Best Spring Bulbs for the Appalachian Region
Spring Bulbs, Spring Flowers
You have a moderate to cold winter climate and mild summers with adequate moisture. The variety of elevations in your region offers many opportunities for different planting styles.
Optimum Planting Time: September 15th - November 30th
USDA Hardiness Zones: 5, 6
- Plant bulbs in the fall, starting when nighttime temperatures stay between 40-50°F. But, be sure to plant approximately six weeks before the ground freezes to allow sufficient time for rooting. Bulbs will root best in cool soil and once rooted undergo natural changes that keep them from freezing. Water your bulbs after planting to help them start the rooting process.
- After planting, apply slow-release "bulb food" fertilizer on the top of the ground to supply nutrients for the second year's bloom. (Bulbs are already fully charged with energy for peak flowering performance in their first spring bloom season.) Do not put the fertilizer in the hole with the bulb as this may burn the bulb's tender roots.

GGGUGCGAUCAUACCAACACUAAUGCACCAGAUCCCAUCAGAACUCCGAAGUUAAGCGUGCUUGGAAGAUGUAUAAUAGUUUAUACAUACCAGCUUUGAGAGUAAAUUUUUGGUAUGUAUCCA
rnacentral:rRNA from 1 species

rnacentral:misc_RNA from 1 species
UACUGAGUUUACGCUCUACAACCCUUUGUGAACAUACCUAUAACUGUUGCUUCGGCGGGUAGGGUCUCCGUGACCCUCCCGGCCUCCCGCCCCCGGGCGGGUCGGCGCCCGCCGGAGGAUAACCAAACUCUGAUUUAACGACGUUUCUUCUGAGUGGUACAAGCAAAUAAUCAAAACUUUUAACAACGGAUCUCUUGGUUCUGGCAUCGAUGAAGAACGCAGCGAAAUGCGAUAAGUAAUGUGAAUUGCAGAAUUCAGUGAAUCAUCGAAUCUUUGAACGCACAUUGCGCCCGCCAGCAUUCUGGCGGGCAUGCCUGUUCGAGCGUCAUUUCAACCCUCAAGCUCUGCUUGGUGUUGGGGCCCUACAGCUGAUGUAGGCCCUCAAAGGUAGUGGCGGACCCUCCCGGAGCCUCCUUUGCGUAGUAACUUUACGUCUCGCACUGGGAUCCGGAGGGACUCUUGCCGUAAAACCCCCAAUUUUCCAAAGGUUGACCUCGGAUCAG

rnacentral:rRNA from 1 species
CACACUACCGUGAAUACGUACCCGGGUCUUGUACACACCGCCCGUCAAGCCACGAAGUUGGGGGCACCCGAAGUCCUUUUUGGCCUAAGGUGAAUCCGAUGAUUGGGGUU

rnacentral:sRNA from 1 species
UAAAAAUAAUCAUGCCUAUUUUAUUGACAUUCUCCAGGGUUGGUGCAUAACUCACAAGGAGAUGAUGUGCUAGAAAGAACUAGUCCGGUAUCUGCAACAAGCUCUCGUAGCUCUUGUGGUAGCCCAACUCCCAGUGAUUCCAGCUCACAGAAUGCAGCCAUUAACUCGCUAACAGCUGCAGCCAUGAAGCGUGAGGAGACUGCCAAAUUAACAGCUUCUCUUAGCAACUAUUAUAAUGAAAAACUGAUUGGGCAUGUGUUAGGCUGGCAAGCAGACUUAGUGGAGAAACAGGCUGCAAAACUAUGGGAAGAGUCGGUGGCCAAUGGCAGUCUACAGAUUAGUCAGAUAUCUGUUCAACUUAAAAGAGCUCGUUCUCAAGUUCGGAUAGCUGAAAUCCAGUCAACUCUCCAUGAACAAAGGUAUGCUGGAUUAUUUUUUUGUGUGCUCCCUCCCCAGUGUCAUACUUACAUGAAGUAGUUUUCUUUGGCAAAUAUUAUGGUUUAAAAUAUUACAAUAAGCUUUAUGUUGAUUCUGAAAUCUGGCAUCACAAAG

- Please note: Modern bone meal generally has little value as a bulb fertilizer and often draws rodents and dogs that dig up the bulbs looking for bones!
- After the ground cools or freezes, cover your bulb beds with a lightweight mulch (pine needles, buckwheat hulls, straw, or chopped-up leaves) 2 — 4 inches thick to help keep down weeds and maintain a consistently cool soil temperature.
The opportunity to plant on banks and hillsides offers many creative possibilities for designs and artistic combinations - even spelling out words in flowers. Mulching in this climate may be important to protect bulb foliage from late spring frosts.
While every effort has been made to describe these plants accurately, please keep in mind that height, bloom time, and color may differ in various climates. The description of these plants has been written based on numerous outside resources.